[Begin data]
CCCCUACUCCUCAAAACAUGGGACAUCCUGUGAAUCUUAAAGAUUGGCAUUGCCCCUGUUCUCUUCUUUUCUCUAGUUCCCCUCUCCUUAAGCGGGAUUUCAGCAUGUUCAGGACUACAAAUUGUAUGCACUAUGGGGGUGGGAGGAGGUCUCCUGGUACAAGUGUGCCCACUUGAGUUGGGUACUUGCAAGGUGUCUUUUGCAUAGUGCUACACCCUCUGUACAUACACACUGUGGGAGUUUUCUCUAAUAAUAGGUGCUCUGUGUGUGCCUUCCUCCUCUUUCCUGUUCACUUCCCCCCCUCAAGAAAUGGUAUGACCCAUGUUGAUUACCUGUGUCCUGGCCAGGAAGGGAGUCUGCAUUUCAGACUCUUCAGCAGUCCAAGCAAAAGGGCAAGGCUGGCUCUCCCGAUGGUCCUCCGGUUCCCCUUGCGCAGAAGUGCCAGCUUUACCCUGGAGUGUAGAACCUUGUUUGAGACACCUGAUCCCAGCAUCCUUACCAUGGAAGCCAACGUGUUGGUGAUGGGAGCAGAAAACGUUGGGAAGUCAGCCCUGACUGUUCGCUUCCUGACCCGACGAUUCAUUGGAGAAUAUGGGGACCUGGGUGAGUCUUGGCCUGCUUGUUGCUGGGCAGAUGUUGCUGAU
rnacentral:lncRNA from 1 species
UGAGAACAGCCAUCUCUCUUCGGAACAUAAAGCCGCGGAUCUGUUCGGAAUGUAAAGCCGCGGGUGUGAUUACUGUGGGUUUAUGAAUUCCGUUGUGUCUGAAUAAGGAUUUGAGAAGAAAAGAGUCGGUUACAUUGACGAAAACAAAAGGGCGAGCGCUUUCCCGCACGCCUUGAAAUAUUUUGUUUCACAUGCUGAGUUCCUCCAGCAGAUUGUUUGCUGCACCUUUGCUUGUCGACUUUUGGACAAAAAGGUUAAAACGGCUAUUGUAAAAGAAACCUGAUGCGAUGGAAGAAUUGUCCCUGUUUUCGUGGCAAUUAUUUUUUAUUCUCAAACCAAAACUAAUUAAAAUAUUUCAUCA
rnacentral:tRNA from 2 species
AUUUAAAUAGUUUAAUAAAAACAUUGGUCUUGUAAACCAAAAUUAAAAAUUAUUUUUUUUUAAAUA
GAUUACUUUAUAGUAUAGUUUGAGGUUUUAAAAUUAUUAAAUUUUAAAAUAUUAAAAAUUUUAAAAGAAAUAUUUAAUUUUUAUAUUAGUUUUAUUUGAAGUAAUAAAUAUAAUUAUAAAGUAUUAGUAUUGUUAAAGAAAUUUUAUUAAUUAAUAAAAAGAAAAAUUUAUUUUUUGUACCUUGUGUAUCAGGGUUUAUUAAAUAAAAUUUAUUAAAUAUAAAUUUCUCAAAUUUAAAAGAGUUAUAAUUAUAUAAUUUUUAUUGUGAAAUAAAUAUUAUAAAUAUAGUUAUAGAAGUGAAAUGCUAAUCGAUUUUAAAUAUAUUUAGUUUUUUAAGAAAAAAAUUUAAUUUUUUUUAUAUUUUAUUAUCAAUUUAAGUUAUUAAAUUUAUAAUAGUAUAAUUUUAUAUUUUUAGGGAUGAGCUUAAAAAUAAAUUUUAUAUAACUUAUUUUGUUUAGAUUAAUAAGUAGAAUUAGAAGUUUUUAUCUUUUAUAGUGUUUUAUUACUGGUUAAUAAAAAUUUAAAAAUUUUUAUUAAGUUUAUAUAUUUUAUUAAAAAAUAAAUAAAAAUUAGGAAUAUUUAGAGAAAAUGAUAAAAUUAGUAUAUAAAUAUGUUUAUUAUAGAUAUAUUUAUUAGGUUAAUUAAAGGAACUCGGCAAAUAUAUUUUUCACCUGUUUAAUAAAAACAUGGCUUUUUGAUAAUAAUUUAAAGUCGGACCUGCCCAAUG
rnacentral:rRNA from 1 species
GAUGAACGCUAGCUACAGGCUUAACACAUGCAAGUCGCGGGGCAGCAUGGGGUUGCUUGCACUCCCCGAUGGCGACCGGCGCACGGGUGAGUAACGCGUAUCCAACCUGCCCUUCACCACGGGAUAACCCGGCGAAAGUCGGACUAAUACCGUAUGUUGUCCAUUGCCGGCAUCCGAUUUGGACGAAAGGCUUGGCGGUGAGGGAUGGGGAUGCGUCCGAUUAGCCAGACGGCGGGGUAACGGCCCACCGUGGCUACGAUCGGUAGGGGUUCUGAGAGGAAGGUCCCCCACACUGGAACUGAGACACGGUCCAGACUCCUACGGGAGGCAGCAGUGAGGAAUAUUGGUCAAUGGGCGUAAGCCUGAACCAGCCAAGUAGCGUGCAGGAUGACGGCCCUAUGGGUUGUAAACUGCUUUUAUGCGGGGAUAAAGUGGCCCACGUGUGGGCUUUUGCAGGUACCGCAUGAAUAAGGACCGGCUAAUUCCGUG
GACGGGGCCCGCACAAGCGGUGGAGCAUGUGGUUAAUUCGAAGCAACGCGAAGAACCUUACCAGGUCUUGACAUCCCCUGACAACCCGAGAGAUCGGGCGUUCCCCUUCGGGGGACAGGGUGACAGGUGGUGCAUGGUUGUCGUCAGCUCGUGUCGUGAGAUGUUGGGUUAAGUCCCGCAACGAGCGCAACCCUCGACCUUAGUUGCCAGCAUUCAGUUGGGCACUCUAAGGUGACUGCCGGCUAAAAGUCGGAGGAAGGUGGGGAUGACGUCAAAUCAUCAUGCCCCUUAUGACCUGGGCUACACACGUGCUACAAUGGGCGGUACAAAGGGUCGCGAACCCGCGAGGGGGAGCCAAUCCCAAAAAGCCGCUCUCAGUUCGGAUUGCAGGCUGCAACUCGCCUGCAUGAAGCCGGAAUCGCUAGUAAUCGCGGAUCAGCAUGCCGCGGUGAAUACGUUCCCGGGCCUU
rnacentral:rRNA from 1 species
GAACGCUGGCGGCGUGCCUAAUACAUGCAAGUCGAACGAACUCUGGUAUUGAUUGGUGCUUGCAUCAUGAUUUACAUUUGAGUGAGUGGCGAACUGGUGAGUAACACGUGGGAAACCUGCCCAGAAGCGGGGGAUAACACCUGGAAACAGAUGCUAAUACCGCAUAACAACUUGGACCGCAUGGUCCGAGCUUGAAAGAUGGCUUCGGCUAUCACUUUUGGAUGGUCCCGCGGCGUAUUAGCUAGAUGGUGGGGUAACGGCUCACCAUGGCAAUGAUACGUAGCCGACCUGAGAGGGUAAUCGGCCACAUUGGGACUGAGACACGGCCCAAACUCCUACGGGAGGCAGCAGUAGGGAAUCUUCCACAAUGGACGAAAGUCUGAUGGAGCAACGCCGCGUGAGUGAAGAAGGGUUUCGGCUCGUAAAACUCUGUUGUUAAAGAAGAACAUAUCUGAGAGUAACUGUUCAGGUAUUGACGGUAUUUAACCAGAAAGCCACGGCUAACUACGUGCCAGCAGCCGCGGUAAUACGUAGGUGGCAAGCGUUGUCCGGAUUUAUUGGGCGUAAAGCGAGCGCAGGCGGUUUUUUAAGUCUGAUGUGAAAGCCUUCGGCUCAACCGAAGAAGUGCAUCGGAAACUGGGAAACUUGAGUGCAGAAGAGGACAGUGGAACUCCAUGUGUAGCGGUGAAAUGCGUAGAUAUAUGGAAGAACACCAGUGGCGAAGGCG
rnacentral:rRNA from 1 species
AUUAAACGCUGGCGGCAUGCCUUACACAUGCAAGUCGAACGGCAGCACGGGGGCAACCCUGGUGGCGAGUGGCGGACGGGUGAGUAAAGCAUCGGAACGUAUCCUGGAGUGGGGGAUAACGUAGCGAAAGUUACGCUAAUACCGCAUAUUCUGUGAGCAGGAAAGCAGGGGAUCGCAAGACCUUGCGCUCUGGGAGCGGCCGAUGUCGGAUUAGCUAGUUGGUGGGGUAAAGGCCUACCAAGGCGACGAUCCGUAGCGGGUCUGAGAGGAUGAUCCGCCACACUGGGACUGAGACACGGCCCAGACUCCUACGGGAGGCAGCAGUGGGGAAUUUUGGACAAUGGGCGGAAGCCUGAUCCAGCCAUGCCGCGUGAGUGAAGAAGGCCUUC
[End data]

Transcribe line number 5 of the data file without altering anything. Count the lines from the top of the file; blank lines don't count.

AUUUAAAUAGUUUAAUAAAAACAUUGGUCUUGUAAACCAAAAUUAAAAAUUAUUUUUUUUUAAAUA